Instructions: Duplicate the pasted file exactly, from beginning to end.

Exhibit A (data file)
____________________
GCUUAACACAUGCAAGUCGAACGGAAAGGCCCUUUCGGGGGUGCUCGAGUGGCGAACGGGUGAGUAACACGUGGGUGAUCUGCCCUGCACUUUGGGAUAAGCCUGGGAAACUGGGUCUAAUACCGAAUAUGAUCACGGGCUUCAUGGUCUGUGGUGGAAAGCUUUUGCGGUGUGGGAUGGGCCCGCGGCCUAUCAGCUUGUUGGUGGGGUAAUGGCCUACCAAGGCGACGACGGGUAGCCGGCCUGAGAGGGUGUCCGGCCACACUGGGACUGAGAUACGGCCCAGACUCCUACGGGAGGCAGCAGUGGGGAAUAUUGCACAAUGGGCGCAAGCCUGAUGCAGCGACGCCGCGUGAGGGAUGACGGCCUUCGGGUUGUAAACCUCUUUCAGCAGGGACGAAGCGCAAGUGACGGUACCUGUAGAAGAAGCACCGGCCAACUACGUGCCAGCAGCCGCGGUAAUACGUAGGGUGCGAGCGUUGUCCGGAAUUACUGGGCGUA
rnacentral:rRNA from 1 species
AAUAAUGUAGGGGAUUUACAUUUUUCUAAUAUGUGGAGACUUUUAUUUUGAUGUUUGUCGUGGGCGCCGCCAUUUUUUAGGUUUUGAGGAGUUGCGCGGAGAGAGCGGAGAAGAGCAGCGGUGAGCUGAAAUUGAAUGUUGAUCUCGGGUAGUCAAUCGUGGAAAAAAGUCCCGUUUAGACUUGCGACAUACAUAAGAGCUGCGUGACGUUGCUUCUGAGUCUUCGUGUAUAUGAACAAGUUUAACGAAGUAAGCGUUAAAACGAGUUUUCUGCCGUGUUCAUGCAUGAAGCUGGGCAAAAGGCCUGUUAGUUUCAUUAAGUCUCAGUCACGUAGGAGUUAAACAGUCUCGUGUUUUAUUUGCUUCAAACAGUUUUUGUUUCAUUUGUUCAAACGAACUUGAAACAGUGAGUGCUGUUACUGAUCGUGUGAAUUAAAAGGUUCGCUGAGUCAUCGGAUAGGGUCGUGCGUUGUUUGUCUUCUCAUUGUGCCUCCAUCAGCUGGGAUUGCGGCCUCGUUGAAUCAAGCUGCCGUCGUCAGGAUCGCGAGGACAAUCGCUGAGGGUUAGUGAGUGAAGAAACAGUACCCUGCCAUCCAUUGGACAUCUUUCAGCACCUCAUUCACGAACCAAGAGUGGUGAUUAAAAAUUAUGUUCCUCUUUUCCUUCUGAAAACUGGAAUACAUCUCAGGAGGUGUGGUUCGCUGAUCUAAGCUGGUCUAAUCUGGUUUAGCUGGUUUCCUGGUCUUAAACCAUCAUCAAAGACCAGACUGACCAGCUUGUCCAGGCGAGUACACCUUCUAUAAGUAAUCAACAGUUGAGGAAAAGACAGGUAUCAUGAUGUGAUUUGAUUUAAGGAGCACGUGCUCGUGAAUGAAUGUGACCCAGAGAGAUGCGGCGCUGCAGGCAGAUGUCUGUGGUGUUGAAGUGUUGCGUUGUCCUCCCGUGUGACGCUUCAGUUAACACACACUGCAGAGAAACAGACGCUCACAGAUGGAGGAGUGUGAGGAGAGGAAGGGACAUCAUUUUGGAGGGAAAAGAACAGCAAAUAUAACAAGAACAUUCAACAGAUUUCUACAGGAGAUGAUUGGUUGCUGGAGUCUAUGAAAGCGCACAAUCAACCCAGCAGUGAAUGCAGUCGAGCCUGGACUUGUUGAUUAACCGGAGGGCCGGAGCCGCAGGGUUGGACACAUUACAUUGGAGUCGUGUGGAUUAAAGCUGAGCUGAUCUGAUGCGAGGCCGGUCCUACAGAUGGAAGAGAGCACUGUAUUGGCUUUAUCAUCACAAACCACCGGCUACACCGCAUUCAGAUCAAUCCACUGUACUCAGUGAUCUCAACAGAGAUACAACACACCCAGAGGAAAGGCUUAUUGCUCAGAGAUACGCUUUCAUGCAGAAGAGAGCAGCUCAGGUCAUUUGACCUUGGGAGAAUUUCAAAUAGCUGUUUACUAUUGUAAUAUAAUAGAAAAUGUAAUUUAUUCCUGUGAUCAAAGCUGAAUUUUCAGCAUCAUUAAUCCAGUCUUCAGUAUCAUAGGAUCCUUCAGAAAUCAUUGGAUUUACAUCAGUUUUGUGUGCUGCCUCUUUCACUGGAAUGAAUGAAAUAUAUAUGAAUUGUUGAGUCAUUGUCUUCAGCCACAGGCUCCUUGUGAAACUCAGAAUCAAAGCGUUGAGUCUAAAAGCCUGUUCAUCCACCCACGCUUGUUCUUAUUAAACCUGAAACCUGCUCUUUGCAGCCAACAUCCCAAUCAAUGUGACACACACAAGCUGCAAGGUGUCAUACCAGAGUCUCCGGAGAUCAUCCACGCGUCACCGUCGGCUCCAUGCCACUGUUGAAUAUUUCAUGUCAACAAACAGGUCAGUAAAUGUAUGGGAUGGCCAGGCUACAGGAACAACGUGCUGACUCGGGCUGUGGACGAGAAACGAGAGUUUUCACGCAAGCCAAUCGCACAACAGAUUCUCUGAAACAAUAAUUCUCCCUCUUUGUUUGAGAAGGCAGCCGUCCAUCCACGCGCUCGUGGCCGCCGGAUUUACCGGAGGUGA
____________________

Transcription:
GCUUAACACAUGCAAGUCGAACGGAAAGGCCCUUUCGGGGGUGCUCGAGUGGCGAACGGGUGAGUAACACGUGGGUGAUCUGCCCUGCACUUUGGGAUAAGCCUGGGAAACUGGGUCUAAUACCGAAUAUGAUCACGGGCUUCAUGGUCUGUGGUGGAAAGCUUUUGCGGUGUGGGAUGGGCCCGCGGCCUAUCAGCUUGUUGGUGGGGUAAUGGCCUACCAAGGCGACGACGGGUAGCCGGCCUGAGAGGGUGUCCGGCCACACUGGGACUGAGAUACGGCCCAGACUCCUACGGGAGGCAGCAGUGGGGAAUAUUGCACAAUGGGCGCAAGCCUGAUGCAGCGACGCCGCGUGAGGGAUGACGGCCUUCGGGUUGUAAACCUCUUUCAGCAGGGACGAAGCGCAAGUGACGGUACCUGUAGAAGAAGCACCGGCCAACUACGUGCCAGCAGCCGCGGUAAUACGUAGGGUGCGAGCGUUGUCCGGAAUUACUGGGCGUA
rnacentral:rRNA from 1 species
AAUAAUGUAGGGGAUUUACAUUUUUCUAAUAUGUGGAGACUUUUAUUUUGAUGUUUGUCGUGGGCGCCGCCAUUUUUUAGGUUUUGAGGAGUUGCGCGGAGAGAGCGGAGAAGAGCAGCGGUGAGCUGAAAUUGAAUGUUGAUCUCGGGUAGUCAAUCGUGGAAAAAAGUCCCGUUUAGACUUGCGACAUACAUAAGAGCUGCGUGACGUUGCUUCUGAGUCUUCGUGUAUAUGAACAAGUUUAACGAAGUAAGCGUUAAAACGAGUUUUCUGCCGUGUUCAUGCAUGAAGCUGGGCAAAAGGCCUGUUAGUUUCAUUAAGUCUCAGUCACGUAGGAGUUAAACAGUCUCGUGUUUUAUUUGCUUCAAACAGUUUUUGUUUCAUUUGUUCAAACGAACUUGAAACAGUGAGUGCUGUUACUGAUCGUGUGAAUUAAAAGGUUCGCUGAGUCAUCGGAUAGGGUCGUGCGUUGUUUGUCUUCUCAUUGUGCCUCCAUCAGCUGGGAUUGCGGCCUCGUUGAAUCAAGCUGCCGUCGUCAGGAUCGCGAGGACAAUCGCUGAGGGUUAGUGAGUGAAGAAACAGUACCCUGCCAUCCAUUGGACAUCUUUCAGCACCUCAUUCACGAACCAAGAGUGGUGAUUAAAAAUUAUGUUCCUCUUUUCCUUCUGAAAACUGGAAUACAUCUCAGGAGGUGUGGUUCGCUGAUCUAAGCUGGUCUAAUCUGGUUUAGCUGGUUUCCUGGUCUUAAACCAUCAUCAAAGACCAGACUGACCAGCUUGUCCAGGCGAGUACACCUUCUAUAAGUAAUCAACAGUUGAGGAAAAGACAGGUAUCAUGAUGUGAUUUGAUUUAAGGAGCACGUGCUCGUGAAUGAAUGUGACCCAGAGAGAUGCGGCGCUGCAGGCAGAUGUCUGUGGUGUUGAAGUGUUGCGUUGUCCUCCCGUGUGACGCUUCAGUUAACACACACUGCAGAGAAACAGACGCUCACAGAUGGAGGAGUGUGAGGAGAGGAAGGGACAUCAUUUUGGAGGGAAAAGAACAGCAAAUAUAACAAGAACAUUCAACAGAUUUCUACAGGAGAUGAUUGGUUGCUGGAGUCUAUGAAAGCGCACAAUCAACCCAGCAGUGAAUGCAGUCGAGCCUGGACUUGUUGAUUAACCGGAGGGCCGGAGCCGCAGGGUUGGACACAUUACAUUGGAGUCGUGUGGAUUAAAGCUGAGCUGAUCUGAUGCGAGGCCGGUCCUACAGAUGGAAGAGAGCACUGUAUUGGCUUUAUCAUCACAAACCACCGGCUACACCGCAUUCAGAUCAAUCCACUGUACUCAGUGAUCUCAACAGAGAUACAACACACCCAGAGGAAAGGCUUAUUGCUCAGAGAUACGCUUUCAUGCAGAAGAGAGCAGCUCAGGUCAUUUGACCUUGGGAGAAUUUCAAAUAGCUGUUUACUAUUGUAAUAUAAUAGAAAAUGUAAUUUAUUCCUGUGAUCAAAGCUGAAUUUUCAGCAUCAUUAAUCCAGUCUUCAGUAUCAUAGGAUCCUUCAGAAAUCAUUGGAUUUACAUCAGUUUUGUGUGCUGCCUCUUUCACUGGAAUGAAUGAAAUAUAUAUGAAUUGUUGAGUCAUUGUCUUCAGCCACAGGCUCCUUGUGAAACUCAGAAUCAAAGCGUUGAGUCUAAAAGCCUGUUCAUCCACCCACGCUUGUUCUUAUUAAACCUGAAACCUGCUCUUUGCAGCCAACAUCCCAAUCAAUGUGACACACACAAGCUGCAAGGUGUCAUACCAGAGUCUCCGGAGAUCAUCCACGCGUCACCGUCGGCUCCAUGCCACUGUUGAAUAUUUCAUGUCAACAAACAGGUCAGUAAAUGUAUGGGAUGGCCAGGCUACAGGAACAACGUGCUGACUCGGGCUGUGGACGAGAAACGAGAGUUUUCACGCAAGCCAAUCGCACAACAGAUUCUCUGAAACAAUAAUUCUCCCUCUUUGUUUGAGAAGGCAGCCGUCCAUCCACGCGCUCGUGGCCGCCGGAUUUACCGGAGGUGA